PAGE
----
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MicroRNAs and the Evolution of Metazoan Complexity


Kevin Peterson (Dartmouth College, USA)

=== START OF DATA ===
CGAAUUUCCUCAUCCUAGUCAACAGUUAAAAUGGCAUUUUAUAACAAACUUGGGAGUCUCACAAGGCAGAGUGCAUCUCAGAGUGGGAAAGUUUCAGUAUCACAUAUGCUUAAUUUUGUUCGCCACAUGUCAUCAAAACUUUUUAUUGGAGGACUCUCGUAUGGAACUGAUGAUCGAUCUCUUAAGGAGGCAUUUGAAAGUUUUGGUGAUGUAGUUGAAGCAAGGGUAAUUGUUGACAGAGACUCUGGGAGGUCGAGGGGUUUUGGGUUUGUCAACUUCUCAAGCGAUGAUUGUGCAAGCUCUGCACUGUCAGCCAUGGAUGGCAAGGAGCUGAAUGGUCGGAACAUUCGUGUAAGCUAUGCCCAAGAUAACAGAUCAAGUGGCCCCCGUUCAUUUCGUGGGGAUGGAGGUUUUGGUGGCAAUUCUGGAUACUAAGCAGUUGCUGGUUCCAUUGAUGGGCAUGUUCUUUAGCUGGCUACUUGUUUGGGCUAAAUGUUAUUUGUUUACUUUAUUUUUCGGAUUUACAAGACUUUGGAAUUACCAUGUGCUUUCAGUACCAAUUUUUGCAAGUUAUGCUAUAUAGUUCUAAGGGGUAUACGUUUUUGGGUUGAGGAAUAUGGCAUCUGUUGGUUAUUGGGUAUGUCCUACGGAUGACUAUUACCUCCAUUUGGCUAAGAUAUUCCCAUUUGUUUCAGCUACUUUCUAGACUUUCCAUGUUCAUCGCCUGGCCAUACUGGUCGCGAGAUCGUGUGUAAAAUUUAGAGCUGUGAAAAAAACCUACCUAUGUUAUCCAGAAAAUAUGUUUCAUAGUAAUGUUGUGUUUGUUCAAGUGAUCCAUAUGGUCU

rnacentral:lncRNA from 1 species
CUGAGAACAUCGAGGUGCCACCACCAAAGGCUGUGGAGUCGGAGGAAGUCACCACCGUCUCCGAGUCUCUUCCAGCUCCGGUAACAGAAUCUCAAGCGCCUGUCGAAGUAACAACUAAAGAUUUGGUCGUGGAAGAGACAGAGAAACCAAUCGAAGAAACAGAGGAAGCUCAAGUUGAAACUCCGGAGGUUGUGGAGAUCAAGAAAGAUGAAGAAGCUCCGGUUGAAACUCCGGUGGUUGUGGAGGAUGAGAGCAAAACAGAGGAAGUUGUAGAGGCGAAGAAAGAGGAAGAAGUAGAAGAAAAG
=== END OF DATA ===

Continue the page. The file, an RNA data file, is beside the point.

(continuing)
As a historical science Evolutionary Biology is broadly studied by workers who usually focus on either evolutionary pattern or evolutionary process. This is because the types of data used to elucidate the patterns of life are largely divorced from the processes that evolve life. For example, the sorts of data now being used to build the metazoan phylogenetic tree, whether it be expressed sequence tags or mitochondrial genomes, are mute about how animals initially evolved, diversified, complexified and simplified over their near 800 million year evolutionary history. One new source of phylogenetic information though, microRNAs (miRNAs), may also shed insight into key questions surrounding the evolution of animals, and in particular animal complexity. miRNAs are small, ~22 nucleotide non-coding genes that regulate, usually negatively, the translation of protein-coding genes. But unlike the transcription factors and other components of the developmental tool kit that miRNAs regulate, new clade-specific miRNAs are continuously being acquired through time in all animal lineages studied to date so that miRNAs can be used as a source of phylogenetic information. In addition though, large increases to the miRNA repertoire are associated with increases to animal complexity, including at the base of the bilaterians and at the base of the vertebrates. Where studied, the most copiously expressed miRNAs in clade-specific tissues (e.g., the vertebrate liver) are clade-specific miRNAs (e.g., the vertebrate-specific miR-122), and whose mis-regulation often results in disease of that very same organ (e.g., liver cancer). On the other hand, simple animals (e.g., sponges) have few miRNAs, and losses of miRNAs within the bilaterians are associated with instances of secondary morphological simplification, as seen in, for example, rotifers and acoel flatworms. Therefore, miRNAs might be a unique source of evolutionary data in that they simultaneously shed insight into both the evolutionary pattern and at least some of the processes underlying animal evolutionary history.